The Magical Hacienda San Jose Pachul

Haciendas are to the Yucatan what castles are to Scotland. Mysterious, magical, sometimes otherworldly, they represent a time gone by that can only be imagined. Many have been abandoned, some have been partially restored as museums, a few have become expensive boutique hotels. And then there are the stalwart souls who actually search out a ruined hacienda and with patience, grit, passion and determination, create something remarkable.

Jose Fernandez and Richard Fuller are braver than most and the Hacienda San Jose Pachul is their luscious achievement. Forty minutes outside of Merida, this amazing property is both home and work for Jose and Richard. Two guest suites are in constant demand as are their culinary skills, and it was for this reason that 6 of us made the trek to lunch at this particular hacienda. After a tour of the grounds and gardens, we slaked our thirst with signature sour orange margaritas. The prix fixelunch menu was a perfect offering of fresh local ingredients artfully composed in dishes like banana gazpacho, a luscious adobo infused osso buco, and a guava papaya soup. Jose was a sommelier in a former life, and the accompanying Pinot Noir was a nice surprise. We arrived at 1:30 and left regretfully as the sun was draping its burnished glow over the landscape. Another amazing experience in the Yucatan and one I hope to repeat very soon.

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Mastering the dough in Merida

Apparently the secret to making good pizza is squeezing your vagina. I’m not kidding, but who am I to argue when it comes to the art of bread and pizza making.

Baking bread was something I attempted in my 20s, along with pickling gherkins. Suffice to say I was a failure at both – the bread never rose beyond a pizza crust wanna be, and the pickles…well let’s just say all the jars got tossed in the garbage along with the pickles. So when I received the invitation from a new Merida friend to participate in an all day bread and pizza-making extravaganza, I saw an opportunity for redemption.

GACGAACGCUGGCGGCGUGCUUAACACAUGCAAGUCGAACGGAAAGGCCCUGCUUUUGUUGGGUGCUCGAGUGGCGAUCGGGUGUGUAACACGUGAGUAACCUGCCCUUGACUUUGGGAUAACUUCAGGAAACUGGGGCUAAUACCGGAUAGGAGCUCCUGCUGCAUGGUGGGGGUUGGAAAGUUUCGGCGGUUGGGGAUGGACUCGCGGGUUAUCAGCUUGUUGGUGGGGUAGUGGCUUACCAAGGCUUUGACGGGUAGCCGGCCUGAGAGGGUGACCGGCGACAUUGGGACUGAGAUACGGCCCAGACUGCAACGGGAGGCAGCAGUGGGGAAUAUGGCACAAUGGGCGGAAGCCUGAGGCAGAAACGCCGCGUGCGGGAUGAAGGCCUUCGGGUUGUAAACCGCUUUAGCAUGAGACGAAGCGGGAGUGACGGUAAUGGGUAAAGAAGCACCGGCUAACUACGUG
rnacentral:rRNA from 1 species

I have often dreamt of an outdoor pizza oven, and for the first time in my life I am living in a place where I can actually use one more than 3 months of the year. But before I commit to bossing the Mayan bricklayers around, I figured I better learn how to make pizza.

The lovely Sofia is a Merida godsend, delivering home baked fresh bread to loyal customers once a week. She is mostly vegetarian (this is the Yucatan after all) and teaches others the fine art of all things gluten. Sofia originally heralds from Mexico but studied in France (I gotta get to know this girl), and when she arrived in Merida, I’m sure she took one look at what the locals call ‘bread’ and decided an intervention of the highest order was required. I know you are still wondering what all this has to do with squeezing ones vagina but all in good time.

We started off with the basics – where to get our ingredients in Merida, which is harder than it sounds. This is a culture based on one ingredient for one thing, and here, corn is the thing. Sofia’s search for a tortilla maker to mill her whole wheat flour was comical but she was relentless and has found a shop that mills everything. She also found a tienda (shop) for her nuts and seeds, another for her baking pans, one for her bags and Triunfo for her big cheap mixing bowls. You can see why it takes so long to get anything accomplished here in Mexico. Shopping truly is an art, and ya gotta know where to go.

Once we had our ingredients sorted, we started in on the dough. Making bread is a very intuitive tactile experience. You measure things by the feel in your palm. You gauge the readiness by the texture in your hands. And you knead with your body and soul, clenching your abs, your glutes and – you got it – your vagigi. After kneading for 20 minutes I was glad for the helpful hints, and in the end, we oohed and aahed at our loaves, sweet rolls, and focaccia. And rewarded ourselves with pizza 4 ways and a six pack of Sol…this is Mexico after all.

La Frontera

Road trips always start with an idea. Most are the garden variety “lets get away for the weekend” type and some more ambitious like, “I’ve always wanted to eat my bodily weight in lobster and I know we live in Alberta but life’s short so lets pack the cat and head to PEI.”